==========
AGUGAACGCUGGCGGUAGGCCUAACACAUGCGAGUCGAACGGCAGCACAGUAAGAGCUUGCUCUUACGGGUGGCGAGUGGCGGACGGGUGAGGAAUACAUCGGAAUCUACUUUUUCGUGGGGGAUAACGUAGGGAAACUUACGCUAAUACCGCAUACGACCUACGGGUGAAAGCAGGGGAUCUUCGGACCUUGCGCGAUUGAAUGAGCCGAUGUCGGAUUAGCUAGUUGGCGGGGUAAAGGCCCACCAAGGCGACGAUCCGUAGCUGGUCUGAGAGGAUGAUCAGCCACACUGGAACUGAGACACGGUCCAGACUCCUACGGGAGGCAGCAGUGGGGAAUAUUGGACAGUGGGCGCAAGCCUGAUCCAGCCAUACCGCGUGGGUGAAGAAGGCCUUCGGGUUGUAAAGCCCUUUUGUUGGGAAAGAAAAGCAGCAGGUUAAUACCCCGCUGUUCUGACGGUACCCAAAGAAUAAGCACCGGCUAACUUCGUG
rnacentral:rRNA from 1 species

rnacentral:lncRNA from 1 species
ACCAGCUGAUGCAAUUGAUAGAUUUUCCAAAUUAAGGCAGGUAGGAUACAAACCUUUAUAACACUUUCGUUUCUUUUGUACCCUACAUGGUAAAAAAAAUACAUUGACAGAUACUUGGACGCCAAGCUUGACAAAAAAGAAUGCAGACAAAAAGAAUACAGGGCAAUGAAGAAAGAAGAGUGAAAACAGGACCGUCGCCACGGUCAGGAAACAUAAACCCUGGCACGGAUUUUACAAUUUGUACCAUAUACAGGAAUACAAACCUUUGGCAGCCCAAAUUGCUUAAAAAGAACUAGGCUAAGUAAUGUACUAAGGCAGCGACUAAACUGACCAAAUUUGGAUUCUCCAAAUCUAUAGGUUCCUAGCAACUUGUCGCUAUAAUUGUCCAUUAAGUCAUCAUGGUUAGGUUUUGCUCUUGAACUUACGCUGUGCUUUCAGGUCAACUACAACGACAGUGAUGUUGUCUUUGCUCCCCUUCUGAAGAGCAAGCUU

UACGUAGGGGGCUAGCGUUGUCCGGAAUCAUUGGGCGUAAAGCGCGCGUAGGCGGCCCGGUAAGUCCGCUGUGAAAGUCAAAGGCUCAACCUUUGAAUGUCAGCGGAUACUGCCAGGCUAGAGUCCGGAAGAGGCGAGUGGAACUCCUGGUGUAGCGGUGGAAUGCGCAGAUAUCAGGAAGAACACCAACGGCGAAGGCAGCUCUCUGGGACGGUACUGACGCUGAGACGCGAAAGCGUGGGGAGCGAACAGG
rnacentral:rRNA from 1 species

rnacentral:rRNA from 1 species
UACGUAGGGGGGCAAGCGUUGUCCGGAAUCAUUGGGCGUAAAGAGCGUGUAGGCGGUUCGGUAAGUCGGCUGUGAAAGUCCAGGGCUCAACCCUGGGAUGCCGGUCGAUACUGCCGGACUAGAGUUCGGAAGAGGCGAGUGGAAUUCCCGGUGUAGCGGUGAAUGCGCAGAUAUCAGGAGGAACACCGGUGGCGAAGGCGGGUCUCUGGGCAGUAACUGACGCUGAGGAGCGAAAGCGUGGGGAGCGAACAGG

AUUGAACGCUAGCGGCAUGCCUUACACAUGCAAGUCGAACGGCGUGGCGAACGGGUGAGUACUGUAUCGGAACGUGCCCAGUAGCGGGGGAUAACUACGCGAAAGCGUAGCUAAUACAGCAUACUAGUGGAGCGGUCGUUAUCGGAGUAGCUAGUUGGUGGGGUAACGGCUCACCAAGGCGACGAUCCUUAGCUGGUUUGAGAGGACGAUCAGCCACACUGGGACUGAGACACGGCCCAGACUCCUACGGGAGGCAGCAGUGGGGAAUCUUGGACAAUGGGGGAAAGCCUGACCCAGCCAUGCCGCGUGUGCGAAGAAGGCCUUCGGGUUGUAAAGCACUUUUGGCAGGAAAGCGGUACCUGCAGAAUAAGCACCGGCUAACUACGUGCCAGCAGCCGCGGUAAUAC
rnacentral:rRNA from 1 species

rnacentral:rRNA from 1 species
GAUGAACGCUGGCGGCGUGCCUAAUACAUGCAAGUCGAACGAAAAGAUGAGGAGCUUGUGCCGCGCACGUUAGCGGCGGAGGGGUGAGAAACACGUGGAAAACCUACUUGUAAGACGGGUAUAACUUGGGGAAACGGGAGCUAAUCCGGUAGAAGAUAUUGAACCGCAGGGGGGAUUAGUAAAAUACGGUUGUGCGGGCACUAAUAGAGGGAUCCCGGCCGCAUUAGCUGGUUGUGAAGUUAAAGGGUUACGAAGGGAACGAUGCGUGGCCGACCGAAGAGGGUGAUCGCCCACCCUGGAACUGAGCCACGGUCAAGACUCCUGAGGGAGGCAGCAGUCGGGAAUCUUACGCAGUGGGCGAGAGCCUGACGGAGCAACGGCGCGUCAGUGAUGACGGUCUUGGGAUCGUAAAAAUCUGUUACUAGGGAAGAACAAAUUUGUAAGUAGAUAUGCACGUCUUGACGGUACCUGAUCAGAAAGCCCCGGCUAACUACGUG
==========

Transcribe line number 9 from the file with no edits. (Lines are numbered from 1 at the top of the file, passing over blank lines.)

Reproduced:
AUUGAACGCUAGCGGCAUGCCUUACACAUGCAAGUCGAACGGCGUGGCGAACGGGUGAGUACUGUAUCGGAACGUGCCCAGUAGCGGGGGAUAACUACGCGAAAGCGUAGCUAAUACAGCAUACUAGUGGAGCGGUCGUUAUCGGAGUAGCUAGUUGGUGGGGUAACGGCUCACCAAGGCGACGAUCCUUAGCUGGUUUGAGAGGACGAUCAGCCACACUGGGACUGAGACACGGCCCAGACUCCUACGGGAGGCAGCAGUGGGGAAUCUUGGACAAUGGGGGAAAGCCUGACCCAGCCAUGCCGCGUGUGCGAAGAAGGCCUUCGGGUUGUAAAGCACUUUUGGCAGGAAAGCGGUACCUGCAGAAUAAGCACCGGCUAACUACGUGCCAGCAGCCGCGGUAAUAC